sunset from behind the wire

sunset from behind the wire

Monday, April 18, 2016

The Vulgar, Sleazy, Dishonest Game

The Hillary Clinton campaign is anemic and is in danger from a number of different things as it rolls through the first quarter of the 2016 election year. I have heard that it's possible that in the unlikely event that she's not indicted by the Department of Justice, she is considering taking on Bernie Sanders as her choice for vice president.  It's one of the only ways that she could keep the Democrats who 'feel the Bern'. 

As many of you who read this blog from time to time know, I think that the Clinton machine will be broken on the back of Hillary's criminal conduct. That would leave Bernie as the presumptive Democrat Party nominee -- but the mainstream will never let that happen. And the Dems will feel the Bern as that party tries to reconcile even more blatant gamesmanship to put somebody (likely John Kerry) into the Hillary slot.

However as f-ed up as the Democrats are, I find the fear and loathing on the part of the GOP Elites even more interesting as they make common cause with the mainstream media to try and 'stop Trump' at all costs. Truth told, the GOP elites would far rather see a John Kerry or a Hillary Clinton in the White House, because it would be business as usual and everything would be for sale.

It is that open disdain by our betters in the GOP and the voice of the progressive left (the mainstream media) for Trump, which makes him appeal over Cruz, who is married to Goldman Sachs. I'm not saying that the likes of Mitch McConnell or anyone else inside the Washington DC Beltway likes Cruz. They don't. But Cruz can be managed with some difficulty - and enough cash. The driving force behind Trump’s appeal is that people are sick of and intensely angry at all politicians, establishments, and circumstances that have placed them in the midst of the sorry state of affairs extant today. There is a discontent with the political correctness that is shoved down our throats every-single-day and Trump represents a relief from that.

While Trump is not a gifted orator, he has a way of capturing the media (making it his bitch) and making people listen.  People who have met him and who know him well consider Trump to be a decent, intelligent, likable person who has the ability to hire the right person to fix the problem. Therein lies his threat to the elites, and to the 'system' that they corrupted (and feel that they own). The very fact that the GOP created the "never Trump" despite the fact that he is the leading Republican candidate is telling. They have created a movement to destroy their front runner. When has that happened before? Never. That is their stance because Trump will "fire" people who are inept irrespective of their connection to the GOP. The idea of him shrinking government terrifies them.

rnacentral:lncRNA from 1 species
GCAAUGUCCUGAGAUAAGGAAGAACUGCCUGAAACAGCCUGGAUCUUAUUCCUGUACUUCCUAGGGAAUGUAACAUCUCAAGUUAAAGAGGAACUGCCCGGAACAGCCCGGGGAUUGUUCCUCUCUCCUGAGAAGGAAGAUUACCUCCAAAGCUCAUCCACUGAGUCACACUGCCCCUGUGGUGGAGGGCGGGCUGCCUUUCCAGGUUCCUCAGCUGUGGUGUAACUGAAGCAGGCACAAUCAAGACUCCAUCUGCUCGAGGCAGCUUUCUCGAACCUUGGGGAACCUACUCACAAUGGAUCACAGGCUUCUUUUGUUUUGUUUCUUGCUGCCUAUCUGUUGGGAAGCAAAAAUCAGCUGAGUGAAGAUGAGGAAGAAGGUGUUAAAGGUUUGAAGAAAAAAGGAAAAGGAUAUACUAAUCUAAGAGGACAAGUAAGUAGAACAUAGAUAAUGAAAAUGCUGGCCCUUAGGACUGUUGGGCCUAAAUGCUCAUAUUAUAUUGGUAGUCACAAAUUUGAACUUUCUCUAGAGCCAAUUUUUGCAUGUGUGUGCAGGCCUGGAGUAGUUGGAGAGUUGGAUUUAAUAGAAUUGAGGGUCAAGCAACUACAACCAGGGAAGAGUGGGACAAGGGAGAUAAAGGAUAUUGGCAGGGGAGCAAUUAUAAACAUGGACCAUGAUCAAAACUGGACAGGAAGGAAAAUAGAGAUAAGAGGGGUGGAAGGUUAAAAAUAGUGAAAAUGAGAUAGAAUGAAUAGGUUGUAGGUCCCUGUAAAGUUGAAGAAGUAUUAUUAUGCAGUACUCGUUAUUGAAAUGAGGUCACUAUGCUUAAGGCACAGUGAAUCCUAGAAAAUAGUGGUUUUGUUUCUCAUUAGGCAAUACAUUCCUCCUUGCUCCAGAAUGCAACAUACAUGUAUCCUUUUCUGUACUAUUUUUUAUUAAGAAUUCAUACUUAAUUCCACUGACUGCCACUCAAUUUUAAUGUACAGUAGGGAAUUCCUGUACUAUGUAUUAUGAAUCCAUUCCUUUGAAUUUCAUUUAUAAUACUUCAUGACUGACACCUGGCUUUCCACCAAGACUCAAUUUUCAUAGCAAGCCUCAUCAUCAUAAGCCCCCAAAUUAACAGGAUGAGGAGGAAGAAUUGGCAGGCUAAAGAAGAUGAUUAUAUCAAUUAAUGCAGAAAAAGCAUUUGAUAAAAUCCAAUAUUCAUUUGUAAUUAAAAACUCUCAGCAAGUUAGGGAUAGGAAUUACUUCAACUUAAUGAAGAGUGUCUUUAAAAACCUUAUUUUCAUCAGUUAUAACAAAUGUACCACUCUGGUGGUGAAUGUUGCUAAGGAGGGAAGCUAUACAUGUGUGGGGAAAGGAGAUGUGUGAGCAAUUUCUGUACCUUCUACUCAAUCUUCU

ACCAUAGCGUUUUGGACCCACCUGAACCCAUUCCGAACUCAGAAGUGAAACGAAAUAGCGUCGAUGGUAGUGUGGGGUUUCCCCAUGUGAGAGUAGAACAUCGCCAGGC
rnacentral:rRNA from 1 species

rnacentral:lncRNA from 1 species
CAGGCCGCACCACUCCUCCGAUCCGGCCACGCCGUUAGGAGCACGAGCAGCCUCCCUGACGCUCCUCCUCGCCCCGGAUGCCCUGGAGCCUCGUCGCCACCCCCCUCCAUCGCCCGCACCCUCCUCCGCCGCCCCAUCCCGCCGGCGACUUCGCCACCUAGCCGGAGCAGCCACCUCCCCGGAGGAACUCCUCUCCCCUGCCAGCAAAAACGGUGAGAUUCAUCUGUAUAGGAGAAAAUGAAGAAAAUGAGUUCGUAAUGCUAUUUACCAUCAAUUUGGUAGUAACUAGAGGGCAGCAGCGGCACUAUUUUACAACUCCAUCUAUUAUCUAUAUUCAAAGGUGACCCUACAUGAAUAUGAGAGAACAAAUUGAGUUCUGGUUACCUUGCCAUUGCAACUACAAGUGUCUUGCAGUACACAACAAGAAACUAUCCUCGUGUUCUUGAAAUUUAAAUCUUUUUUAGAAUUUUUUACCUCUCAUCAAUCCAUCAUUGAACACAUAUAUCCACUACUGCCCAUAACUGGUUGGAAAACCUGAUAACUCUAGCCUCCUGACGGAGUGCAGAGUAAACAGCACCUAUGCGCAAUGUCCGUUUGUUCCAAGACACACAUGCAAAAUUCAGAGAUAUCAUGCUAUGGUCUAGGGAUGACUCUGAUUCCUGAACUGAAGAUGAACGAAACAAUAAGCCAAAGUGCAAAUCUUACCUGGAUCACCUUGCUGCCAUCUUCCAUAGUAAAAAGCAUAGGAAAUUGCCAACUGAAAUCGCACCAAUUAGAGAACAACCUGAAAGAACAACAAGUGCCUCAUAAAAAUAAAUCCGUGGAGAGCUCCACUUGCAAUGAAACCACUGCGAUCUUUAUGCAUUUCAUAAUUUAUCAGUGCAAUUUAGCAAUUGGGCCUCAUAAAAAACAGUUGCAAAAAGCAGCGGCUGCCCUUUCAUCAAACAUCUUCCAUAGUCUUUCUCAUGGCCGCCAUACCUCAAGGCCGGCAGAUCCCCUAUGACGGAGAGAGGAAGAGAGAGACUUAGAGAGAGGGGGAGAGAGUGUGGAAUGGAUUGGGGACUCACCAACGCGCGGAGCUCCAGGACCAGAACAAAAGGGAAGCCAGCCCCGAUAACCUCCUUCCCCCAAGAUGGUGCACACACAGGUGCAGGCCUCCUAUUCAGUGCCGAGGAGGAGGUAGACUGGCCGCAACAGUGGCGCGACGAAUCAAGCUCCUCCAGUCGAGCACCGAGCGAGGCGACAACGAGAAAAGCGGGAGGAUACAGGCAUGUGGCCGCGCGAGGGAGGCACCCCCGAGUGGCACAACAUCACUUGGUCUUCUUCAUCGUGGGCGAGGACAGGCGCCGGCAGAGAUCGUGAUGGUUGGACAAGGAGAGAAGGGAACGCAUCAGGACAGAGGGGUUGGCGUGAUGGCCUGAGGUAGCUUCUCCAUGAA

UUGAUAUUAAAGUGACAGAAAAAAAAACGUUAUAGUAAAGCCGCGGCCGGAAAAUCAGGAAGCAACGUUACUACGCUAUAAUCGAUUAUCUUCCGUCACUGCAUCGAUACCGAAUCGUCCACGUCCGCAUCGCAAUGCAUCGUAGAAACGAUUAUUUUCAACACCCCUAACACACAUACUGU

(American Thinker) “…I’m embarrassed by the way the party is handling him…. They seem to be oblivious to the millions of people he’s attracting….[He is]...not afraid to negotiate with anyone....He is extremely win-oriented....[and] people underestimate Trump’s ability and cunning. He has brought to the fore important matters like immigration and jobs in a way that can no longer be ignored. So he will bring sharp focus on the issues he can exploit, and influence others to take positions and actions”...
I cannot imagine a scenario wherein anyone but Trump can beat Hillary. In the unlikely event that Cruz gets the first-ballot 1,237 delegates, I do not see a path for him to 270 electoral votes, and Trumpsters will stay home if Trump is in any way denied the nomination for an establishment choice.



28 comments:

  1. I'm with you -- I've never seen a political party so intent on suicide.

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    1. We live in interesting times. I don't know whether to view the kabuki theater (the news) with amusement or sorrow.

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    2. It's become a circus (Maximus).

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    3. Trump could be said to be the ringmaster.

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  2. I can only WISH that Clinton would be forced out. She should be in jail already.

    I do not trust Trump. I get the feeling he is only in this for him, and not really for the country. His comment on building a bigger ballroom annoyed me. There is nothing wrong with our White House other than the people who have been occupying it.